An investigation into one of Amazon’s Scottish warehouses has compelled the UK government to call for ‘more re-use and recycling of products’ after it was discovered that the online giant is destroying millions of products a year.
A spokesperson for the Prime Minister, Boris Johnson, said the government is ‘looking at regulations to increase recycling practices’ and to ‘make sure retailers take more responsibility for things like electrical goods.’
The call follows an investigation by ITV that found items including smart TVs, laptops, drones, hairdryers, and thousands of sealed face masks had been sorted into boxes marked ‘destroy’ at the Amazon Fulfilment Centre in Dunfermline, Fife.
Speaking anonymously, an ex-employee at the site revealed that their target was to destroy 130,000 items a week.
“I used to gasp. There’s no rhyme or reason to what gets destroyed,” they said. “Dyson fans, Hoovers, the occasional MacBook and iPad; the other day, 20,000 Covid facemasks still in their wrappers. Overall 50 per cent of all items are unopened and still in their shrink wrap. The other half are returns and in good condition.”
The Prime Minister’s spokesperson said that the business secretary has already been in conversation with Amazon on the issue, adding that “we absolutely want to see more re-use and recycling of products.
ITV also found a leaked document from Amazon that showed more than 124,000 items were marked ‘destroy’ during one week of April, compared to 28,000 items in the same period labelled ‘donate’.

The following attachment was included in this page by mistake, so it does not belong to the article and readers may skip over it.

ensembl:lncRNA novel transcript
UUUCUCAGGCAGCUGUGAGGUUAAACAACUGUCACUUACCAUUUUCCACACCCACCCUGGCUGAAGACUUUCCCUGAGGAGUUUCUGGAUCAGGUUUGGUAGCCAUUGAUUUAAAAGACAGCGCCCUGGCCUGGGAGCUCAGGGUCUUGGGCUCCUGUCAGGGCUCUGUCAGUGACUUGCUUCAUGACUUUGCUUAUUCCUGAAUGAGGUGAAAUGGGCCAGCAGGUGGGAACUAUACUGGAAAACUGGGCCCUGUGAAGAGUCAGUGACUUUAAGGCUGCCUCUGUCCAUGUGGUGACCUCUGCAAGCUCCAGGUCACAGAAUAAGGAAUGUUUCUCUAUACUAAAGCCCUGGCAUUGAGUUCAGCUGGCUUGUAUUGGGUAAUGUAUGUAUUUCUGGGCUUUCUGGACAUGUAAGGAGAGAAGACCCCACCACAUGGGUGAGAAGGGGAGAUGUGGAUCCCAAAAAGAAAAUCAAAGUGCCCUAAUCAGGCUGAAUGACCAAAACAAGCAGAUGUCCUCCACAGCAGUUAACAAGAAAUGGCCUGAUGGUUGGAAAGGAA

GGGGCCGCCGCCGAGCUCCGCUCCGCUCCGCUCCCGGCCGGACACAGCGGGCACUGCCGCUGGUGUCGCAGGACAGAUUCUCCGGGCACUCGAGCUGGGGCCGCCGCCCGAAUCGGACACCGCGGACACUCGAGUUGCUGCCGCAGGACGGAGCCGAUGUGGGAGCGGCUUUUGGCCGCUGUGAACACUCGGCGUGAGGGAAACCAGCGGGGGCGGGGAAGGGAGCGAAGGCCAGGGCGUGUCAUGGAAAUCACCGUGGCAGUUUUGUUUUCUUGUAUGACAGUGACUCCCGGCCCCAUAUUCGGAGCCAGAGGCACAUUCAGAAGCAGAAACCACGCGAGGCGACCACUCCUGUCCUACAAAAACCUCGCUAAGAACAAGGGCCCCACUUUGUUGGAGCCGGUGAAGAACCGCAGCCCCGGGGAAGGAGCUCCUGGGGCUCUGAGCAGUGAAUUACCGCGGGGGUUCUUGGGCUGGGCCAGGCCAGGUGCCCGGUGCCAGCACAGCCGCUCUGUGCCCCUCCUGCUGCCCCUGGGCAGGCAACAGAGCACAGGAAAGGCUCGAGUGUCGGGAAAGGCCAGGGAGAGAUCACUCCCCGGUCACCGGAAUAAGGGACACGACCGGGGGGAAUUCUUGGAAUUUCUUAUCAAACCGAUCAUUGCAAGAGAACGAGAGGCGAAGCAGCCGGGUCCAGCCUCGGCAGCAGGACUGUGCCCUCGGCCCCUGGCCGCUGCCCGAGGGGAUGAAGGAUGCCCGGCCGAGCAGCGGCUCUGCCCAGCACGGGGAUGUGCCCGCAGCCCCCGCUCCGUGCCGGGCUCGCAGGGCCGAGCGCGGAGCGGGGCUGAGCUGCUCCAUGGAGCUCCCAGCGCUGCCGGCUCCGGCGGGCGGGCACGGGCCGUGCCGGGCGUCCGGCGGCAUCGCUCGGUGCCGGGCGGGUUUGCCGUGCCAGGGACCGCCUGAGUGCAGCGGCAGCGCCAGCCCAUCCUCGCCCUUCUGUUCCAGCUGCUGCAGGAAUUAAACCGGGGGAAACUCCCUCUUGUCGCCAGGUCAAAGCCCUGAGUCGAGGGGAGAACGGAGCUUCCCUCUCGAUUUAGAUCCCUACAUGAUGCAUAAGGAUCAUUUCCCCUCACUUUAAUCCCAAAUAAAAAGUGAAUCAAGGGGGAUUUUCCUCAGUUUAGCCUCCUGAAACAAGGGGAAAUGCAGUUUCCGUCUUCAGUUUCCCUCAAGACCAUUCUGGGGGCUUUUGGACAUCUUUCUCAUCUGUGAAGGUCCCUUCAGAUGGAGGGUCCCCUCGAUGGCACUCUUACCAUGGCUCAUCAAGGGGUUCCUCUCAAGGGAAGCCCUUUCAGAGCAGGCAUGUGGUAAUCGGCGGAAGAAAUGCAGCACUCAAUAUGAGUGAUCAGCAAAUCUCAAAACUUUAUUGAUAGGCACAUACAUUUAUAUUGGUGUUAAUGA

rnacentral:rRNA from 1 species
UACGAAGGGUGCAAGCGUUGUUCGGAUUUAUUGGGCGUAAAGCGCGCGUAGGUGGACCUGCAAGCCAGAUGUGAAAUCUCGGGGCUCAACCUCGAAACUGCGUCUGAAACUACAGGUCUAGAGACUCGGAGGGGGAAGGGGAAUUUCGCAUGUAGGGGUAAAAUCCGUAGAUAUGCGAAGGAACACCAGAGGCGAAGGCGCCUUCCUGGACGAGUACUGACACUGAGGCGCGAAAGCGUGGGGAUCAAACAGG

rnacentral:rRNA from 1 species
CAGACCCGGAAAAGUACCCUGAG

Amazon has however, denied the claims, telling the PA news agency that no items are sent to landfill in the UK, but that, at last resort, it will send items to energy recovery; a means of stripping recyclable materials from products before the rest is reconverted into energy.
A statement from Amazon published in The Independent, said: “We are working towards a goal of zero product disposal and our priority is to resell, donate to charitable organisations, or recycle any unsold products.
“No items are sent to landfill in the UK. As a last resort, we will send items to energy recovery, but we’re working hard to drive the number of times this happens down to zero.
“We are committed to reducing our environmental footprint and building a circular economy programme with the aim of reducing returns, reusing and reselling products, and reducing disposals.”
The Amazon spokesperson also denied that it was cheaper to dispose of the items instead of returning them to the domestic sellers.